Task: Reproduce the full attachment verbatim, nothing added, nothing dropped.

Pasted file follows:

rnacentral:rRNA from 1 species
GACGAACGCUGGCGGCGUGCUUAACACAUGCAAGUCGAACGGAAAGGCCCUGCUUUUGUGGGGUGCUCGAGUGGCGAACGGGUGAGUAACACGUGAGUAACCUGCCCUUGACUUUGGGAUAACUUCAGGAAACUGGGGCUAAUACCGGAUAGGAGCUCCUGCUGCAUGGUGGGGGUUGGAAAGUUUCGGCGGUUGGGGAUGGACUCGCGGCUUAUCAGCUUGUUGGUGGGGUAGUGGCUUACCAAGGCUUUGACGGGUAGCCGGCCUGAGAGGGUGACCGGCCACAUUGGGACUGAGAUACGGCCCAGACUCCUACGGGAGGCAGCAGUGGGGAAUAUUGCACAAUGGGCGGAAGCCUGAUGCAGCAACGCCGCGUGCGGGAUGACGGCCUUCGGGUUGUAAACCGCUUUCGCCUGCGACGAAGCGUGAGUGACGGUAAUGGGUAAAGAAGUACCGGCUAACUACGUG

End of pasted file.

rnacentral:rRNA from 1 species
GACGAACGCUGGCGGCGUGCUUAACACAUGCAAGUCGAACGGAAAGGCCCUGCUUUUGUGGGGUGCUCGAGUGGCGAACGGGUGAGUAACACGUGAGUAACCUGCCCUUGACUUUGGGAUAACUUCAGGAAACUGGGGCUAAUACCGGAUAGGAGCUCCUGCUGCAUGGUGGGGGUUGGAAAGUUUCGGCGGUUGGGGAUGGACUCGCGGCUUAUCAGCUUGUUGGUGGGGUAGUGGCUUACCAAGGCUUUGACGGGUAGCCGGCCUGAGAGGGUGACCGGCCACAUUGGGACUGAGAUACGGCCCAGACUCCUACGGGAGGCAGCAGUGGGGAAUAUUGCACAAUGGGCGGAAGCCUGAUGCAGCAACGCCGCGUGCGGGAUGACGGCCUUCGGGUUGUAAACCGCUUUCGCCUGCGACGAAGCGUGAGUGACGGUAAUGGGUAAAGAAGUACCGGCUAACUACGUG